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Redefining Bank of America: an era of responsible growth

Bank of America has slashed costs and tightened risk controls in recent years as it moves on from its crisis-era legacies. In this case study, we examine the bank’s conservative approach and our decade-long engagement with the company.

Key points: 

  • We have a positive view of Bank of America, particularly on its profitability, growth and capital-structure characteristics
  • In the past decade, Bank of America has adopted a conservative approach, cutting costs and tightening risk controls
  • We have engaged with Bank of America since 2009 on its board composition and independence, pay, corporate culture and climate change. Our dialogue continues today.

Banks are safer on many counts than they were before the global financial crisis: there has been a sharp increase in capital requirements and what qualifies as a buffer against losses; regulations have constrained growth; some have been forced to simplify their legal structures; and funding is more stable.

Since the global financial crisis, Bank of America – the second-largest US bank – has repositioned itself as a sustainable business. It now focuses on driving responsible growth – a strategy that aims to keep a lid on costs and deliver slow and steady growth in every area of the company’s operations.

In 2018, the bank posted a record net income of $28.1bn, and in February, it announced a rebrand of its investment units as it moves on from crisis-era legacies, such as regulatory probes and federal bailouts. The investment banking arm will now be branded Bank of America, rather than Bank of America Merrill Lynch1.

Adopting a conservative approach

We have long held a position in Bank of America. Our proprietary Alpha Model views the company as positive according to its profitability, growth and capital-structure characteristics. The company looks particularly attractive on the longer term metrics that we use as well as three-month earnings revisions.

We see Bank of America as a strong brand, one which can use its size and diversity of offering to deliver growth, even in a difficult environment. In addition, it has consistently outperformed the S&P 500 financials index and the MSCI World financials index since 2013 (see figure 1).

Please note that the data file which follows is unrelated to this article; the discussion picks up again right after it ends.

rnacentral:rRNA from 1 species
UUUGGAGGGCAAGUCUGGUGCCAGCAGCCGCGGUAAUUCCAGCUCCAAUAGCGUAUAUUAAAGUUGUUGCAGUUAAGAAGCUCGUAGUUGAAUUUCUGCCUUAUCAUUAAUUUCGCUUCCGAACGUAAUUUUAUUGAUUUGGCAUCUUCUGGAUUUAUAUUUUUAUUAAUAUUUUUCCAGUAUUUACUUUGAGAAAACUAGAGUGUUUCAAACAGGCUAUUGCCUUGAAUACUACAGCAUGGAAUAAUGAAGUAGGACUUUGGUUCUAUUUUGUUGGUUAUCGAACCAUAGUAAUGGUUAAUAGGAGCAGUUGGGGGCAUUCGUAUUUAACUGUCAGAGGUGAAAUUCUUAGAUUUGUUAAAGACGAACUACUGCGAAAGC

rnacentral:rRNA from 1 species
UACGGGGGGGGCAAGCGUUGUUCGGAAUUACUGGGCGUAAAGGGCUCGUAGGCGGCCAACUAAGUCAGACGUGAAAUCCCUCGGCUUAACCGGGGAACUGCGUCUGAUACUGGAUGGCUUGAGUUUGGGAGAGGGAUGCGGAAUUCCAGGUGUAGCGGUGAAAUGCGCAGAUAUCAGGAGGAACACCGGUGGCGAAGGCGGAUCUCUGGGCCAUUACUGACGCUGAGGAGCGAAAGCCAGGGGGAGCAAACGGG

The Alpha Model is our “automated analyst” which assesses the attractiveness of every investable company in our universe on a daily basis. The metrics used to select stocks are justified by both economic reasoning and statistical effectiveness, and have a long-term focus that leads to low portfolio turnover.

They are grouped into six categories: valuation, corporate behaviour (including governance), growth, profitability, capital structure and sentiment. The model identifies which stocks have the most attractive combinations of these characteristics and the output is subsequently used to create an optimised portfolio that aims to maximise risk-adjusted returns.

The Alpha Model also uses proprietary data from Hermes EOS to incorporate an assessment of corporate governance in every valuation (see The Alpha Model: laying the path to consistent returns).

Together, these insights help us action compelling opportunities and pick long-term winners, like Bank of America, which prove beneficial to a diversified portfolio that aims to maximise risk-adjusted returns.

In January, the company posted solid Q4 2018 revenue growth – ahead of analysts’ expectations – driven by its consumer bank. Under the helm of chief executive Brian Moynihan, Bank of America has adopted a conservative approach, cutting costs and tightening risk controls: in fact, over the last decade, the company has cut $30bn in annualised costs2. Its peer JPMorgan Chase missed profit estimates in Q4 2018, citing a decline in its fixed-income trading revenue, while Citigroup also posted a fall in bond trading.